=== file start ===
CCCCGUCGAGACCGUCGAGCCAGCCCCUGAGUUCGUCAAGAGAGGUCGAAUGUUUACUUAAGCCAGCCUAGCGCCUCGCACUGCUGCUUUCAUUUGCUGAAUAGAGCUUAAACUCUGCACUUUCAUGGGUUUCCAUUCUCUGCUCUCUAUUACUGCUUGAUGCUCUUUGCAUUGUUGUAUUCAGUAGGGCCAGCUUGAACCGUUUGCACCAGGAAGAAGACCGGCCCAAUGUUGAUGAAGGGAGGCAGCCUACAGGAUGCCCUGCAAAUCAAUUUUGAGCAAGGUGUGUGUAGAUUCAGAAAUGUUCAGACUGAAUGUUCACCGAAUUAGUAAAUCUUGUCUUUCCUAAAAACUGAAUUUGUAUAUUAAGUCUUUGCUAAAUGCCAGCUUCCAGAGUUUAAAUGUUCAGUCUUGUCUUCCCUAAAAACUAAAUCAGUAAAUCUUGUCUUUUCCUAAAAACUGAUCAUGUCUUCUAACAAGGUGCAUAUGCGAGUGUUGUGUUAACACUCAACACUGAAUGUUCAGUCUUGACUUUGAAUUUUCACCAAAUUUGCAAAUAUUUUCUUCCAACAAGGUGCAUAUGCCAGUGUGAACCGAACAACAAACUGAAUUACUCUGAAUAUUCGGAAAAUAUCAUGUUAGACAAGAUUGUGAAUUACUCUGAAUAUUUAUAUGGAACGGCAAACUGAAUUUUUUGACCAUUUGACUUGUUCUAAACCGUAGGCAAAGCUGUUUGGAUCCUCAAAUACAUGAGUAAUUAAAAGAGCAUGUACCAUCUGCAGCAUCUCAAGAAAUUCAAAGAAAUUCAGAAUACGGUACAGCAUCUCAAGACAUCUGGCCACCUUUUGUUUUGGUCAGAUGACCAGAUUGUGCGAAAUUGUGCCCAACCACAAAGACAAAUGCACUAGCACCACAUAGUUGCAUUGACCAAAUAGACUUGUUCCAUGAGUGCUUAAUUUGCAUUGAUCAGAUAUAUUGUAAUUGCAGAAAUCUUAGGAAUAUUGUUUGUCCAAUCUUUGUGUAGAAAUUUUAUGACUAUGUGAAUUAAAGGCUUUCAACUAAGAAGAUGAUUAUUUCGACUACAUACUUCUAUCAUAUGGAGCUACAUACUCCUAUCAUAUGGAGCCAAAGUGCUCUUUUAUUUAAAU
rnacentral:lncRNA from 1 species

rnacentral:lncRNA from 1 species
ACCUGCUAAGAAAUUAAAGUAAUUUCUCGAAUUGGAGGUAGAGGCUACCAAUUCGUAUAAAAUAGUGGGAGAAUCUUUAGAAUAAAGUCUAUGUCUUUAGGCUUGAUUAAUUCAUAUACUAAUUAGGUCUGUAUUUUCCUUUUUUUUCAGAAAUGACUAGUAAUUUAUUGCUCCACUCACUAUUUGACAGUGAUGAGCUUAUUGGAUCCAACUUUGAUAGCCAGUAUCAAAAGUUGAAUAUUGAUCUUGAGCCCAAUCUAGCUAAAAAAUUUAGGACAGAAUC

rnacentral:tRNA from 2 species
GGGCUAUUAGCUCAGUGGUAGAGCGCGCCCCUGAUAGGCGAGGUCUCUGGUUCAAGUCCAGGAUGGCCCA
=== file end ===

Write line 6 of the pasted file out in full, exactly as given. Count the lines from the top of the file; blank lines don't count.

GGGCUAUUAGCUCAGUGGUAGAGCGCGCCCCUGAUAGGCGAGGUCUCUGGUUCAAGUCCAGGAUGGCCCA